Pink Floyd or The Who?: NLRB Extends Deadline for Public Input on Important Misclassification Decision

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Roger Waters & the boys, smiling pretty for the camera

Pink Floyd or The Who? Tough call for me, but I generally go with Pink Floyd, unless we’re listening to Tommy. Songs from both bands came to mind last week as I read the NLRB’s update on an important issue relating to independent contractor misclassification.

Who Are You (The Who, 1978)? In this post, we discussed a 2017 ruling, in which an ALJ found that the misclassification of independent contractors, by itself, is a violation of the federal labor law. This decision rejected the pickup basketball rule, “no harm, no foul.” Misclassification was deemed to be an unfair labor practice.

Join Together (The Who, 1990). The full Board then decided to reconsider that decision and invited public input on the question. Non-parties were asked to submit briefs to assist the Board in making its decision. Trade associations and labor groups are filing briefs on both sides of the issue.

Wish You Were Here (Pink Floyd, 1975). The Board temporarily lost its 3-2 Republican majority after Member Miscimarra stepped down, but earlier this month, the Senate confirmed John Ring as the third Republican member, restoring a majority and a pro-business slant.

Time (Pink Floyd, 1973). Last week the Board extended the deadline for briefing to April 30th. Any business or trade organization that wishes to provide input to the NLRB on this important issue still has an opportunity. Here are instructions for filing.

Careful with that Axe, Eugene (Pink Floyd, 1969). This is an important issue for businesses using independent contractors. If misclassification by itself violates the NLRA — even with no actual harm to the worker — then businesses may face unfair labor practice charges, even where there’s no union and, even stranger, those ULP charges can come from workers you didn’t even think were your employees.

Take It Back (Pink Floyd, 1994). Hopefully for businesses, the full Board will reverse the ALJ and reinstate the pickup basketball rule. I have High Hopes (Pink Floyd, 1994).

© 2018 Todd Lebowitz, posted on WhoIsMyEmployee.com, Exploring Issues of Independent Contractor Misclassification and Joint Employment. All rights reserved.

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NLRB Roller Coaster Ride on Joint Employment Rolls On

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I used to go to summer camp in Georgia, and the highlight of the summer was always a trip to Six Flags, where we would ride the Mindbender roller coaster. My coaster days are over, thanks to two back surgeries and a desire to remain upright and mobile, but watching the NLRB lately brings back memories of the sharp turns, fast drops, and tight spirals.

Yesterday, the Senate approved John Ring’s nomination as the third NLRB member, returning the Board to a Republican majority. (The vote was 50-48, like halftime in the NBA.)

With three Republican members, we can expect the Board to quickly find another opportunity to overturn Browning-Ferris and return the joint employment test to a more rational standard that requires a finding of direct, material control before a company can be deemed a joint employer.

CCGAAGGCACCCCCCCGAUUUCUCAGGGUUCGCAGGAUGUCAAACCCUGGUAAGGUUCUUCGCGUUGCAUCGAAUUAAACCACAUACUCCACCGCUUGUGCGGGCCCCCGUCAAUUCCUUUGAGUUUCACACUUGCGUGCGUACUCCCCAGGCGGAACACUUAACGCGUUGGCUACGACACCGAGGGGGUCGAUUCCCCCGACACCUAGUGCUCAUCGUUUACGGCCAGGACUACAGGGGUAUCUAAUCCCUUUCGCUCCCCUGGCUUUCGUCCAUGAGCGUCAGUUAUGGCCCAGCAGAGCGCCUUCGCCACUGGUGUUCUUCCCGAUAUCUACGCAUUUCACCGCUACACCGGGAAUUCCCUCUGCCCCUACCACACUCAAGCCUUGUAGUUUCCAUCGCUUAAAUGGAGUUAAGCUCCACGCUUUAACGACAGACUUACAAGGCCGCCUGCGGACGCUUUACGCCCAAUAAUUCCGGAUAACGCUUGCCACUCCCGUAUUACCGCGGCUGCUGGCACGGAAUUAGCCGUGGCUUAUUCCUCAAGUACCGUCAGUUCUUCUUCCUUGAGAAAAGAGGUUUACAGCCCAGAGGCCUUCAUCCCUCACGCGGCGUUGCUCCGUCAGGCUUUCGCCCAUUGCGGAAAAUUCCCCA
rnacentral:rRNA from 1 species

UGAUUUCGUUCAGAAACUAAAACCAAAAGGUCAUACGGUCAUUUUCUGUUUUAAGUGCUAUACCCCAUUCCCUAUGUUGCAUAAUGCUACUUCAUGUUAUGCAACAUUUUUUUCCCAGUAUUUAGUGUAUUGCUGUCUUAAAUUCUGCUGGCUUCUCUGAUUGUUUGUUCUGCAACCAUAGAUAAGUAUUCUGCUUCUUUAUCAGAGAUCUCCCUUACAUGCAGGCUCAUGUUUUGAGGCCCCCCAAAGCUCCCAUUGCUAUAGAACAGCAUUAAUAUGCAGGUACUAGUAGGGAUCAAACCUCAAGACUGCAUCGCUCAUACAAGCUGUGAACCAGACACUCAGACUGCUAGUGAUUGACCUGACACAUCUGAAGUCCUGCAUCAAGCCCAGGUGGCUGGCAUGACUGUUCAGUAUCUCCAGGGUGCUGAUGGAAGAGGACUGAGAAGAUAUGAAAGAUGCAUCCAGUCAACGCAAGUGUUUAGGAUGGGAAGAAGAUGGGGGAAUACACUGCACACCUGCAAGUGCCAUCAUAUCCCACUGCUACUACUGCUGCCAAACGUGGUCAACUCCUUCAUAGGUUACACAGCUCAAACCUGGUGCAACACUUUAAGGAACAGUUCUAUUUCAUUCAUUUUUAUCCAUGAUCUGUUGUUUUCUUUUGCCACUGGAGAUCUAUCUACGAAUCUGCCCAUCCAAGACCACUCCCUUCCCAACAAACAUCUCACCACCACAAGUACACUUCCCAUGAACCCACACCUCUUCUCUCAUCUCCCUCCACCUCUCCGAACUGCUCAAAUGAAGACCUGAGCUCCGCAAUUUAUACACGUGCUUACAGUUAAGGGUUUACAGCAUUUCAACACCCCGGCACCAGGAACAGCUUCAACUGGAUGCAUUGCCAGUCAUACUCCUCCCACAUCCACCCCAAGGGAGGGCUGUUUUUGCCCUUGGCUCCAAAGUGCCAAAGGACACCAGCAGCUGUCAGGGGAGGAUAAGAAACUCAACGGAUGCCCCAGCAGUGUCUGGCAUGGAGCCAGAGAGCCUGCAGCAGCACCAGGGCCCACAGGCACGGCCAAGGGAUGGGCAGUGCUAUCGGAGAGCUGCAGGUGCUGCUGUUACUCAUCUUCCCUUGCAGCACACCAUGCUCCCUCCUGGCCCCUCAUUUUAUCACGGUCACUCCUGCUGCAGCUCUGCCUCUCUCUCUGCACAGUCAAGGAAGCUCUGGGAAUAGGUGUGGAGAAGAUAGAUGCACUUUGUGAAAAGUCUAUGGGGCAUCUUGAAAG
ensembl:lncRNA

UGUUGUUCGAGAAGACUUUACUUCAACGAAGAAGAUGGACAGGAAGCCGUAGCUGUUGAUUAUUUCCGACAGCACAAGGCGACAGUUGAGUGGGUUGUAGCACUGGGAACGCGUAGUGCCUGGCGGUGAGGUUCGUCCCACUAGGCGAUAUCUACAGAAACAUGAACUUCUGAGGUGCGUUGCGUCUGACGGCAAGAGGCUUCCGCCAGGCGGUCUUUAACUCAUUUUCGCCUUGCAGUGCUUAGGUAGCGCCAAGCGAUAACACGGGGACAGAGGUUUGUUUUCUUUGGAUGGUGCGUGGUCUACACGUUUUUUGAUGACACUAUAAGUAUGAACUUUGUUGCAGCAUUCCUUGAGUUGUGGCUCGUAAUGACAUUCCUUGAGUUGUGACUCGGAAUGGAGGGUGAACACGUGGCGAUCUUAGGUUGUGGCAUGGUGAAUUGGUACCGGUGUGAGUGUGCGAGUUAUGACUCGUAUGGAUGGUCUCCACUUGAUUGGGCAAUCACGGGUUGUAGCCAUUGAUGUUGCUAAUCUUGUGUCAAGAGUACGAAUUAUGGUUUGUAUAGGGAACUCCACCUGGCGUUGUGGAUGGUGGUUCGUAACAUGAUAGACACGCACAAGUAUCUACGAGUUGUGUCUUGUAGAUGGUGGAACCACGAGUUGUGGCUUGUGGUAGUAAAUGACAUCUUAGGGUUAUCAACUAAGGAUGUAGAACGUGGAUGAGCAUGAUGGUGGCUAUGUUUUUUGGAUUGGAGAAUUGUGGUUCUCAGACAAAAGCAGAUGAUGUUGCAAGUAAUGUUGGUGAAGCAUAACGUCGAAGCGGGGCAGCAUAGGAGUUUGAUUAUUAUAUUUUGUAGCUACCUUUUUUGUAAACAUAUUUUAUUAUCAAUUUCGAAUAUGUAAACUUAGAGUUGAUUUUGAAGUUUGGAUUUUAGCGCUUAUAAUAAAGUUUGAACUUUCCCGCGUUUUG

There are a few ways this might happen.

Plan A is that the D.C. Circuit Court of Appeals could help. In an unusual move, the Court of Appeals agreed late last week to re-open the Browning-Ferris appeal.

The Court of Appeals had dismissed the appeal several weeks ago as moot, after the NLRB issued its Hy-Brand decision, which overturned Browning-Ferris. But after the NLRB said “my bad” and vacated its Hy-Brand decision, the Board asked the Court of Appeals to take the case back and to issue a ruling on what the proper joint employment standard should be. On Friday, the Court of Appeals re-opened the case and will soon issue a decision.

If the Court of Appeals says the Browning-Ferris case was wrongly decided by the Obama Board, then the newly constituted NLRB can hop on that bandwagon and decide to adopt that decision as its new test.

On the other hand, if the Court of Appeals affirms Browning-Ferris, the NLRB will just ignore the decision and move to Plan B or C.

Plan B would be to get Hy-Brand back on the books as good law. That would mean reinstating the Hy-Brand test as the proper standard for determining joint employment. The Hy-Brand test would require direct and material control before a business can be deemed a joint employer under labor law. The NLRB’s General Counsel recently chastised the Board for vacating its own Hy-Brand decision without following the usual rules for recusal.

If that fails, there’s Plan C, which seems more viable now that John Ring has restored the NLRB to a 3-2 Republican majority. The Board can find a new case — other than Hy-Brand — and adopt the revised business-friendly joint employment test that the NLRB tried to adopt in Hy-Brand.

Plan C would require finding a case that allows Board Members Ring and Emanuel to dodge any conflict issues, as they both come from large law firms with lengthy client lists, which is precisely the problem that led to Hy-Brand being vacated in the first place. Too many potential conflicts. They will need to find a clean case with no apparent conflicts, but that can be done.

Meanwhile, this has been a roller coaster ride. The NLRB will eventually settle on a new joint employment standard (I expect), just like the Mindbender eventually settles back down on a straightaway and slows down to let off the riders — who, like NLRB-watchers, are now dizzy and disoriented.

© 2018 Todd Lebowitz, posted on WhoIsMyEmployee.com, Exploring Issues of Independent Contractor Misclassification and Joint Employment. All rights reserved.

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Will Recusals Sink the NLRB’s Pro-Business Agenda?

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“Recuse.” Verb, meaning to cuse again.

Sorry, it doesn’t mean that at all. We’ve heard a lot about recusal in the news lately, relating to a certain Attorney General and one of the former Soviet Republics (the big one).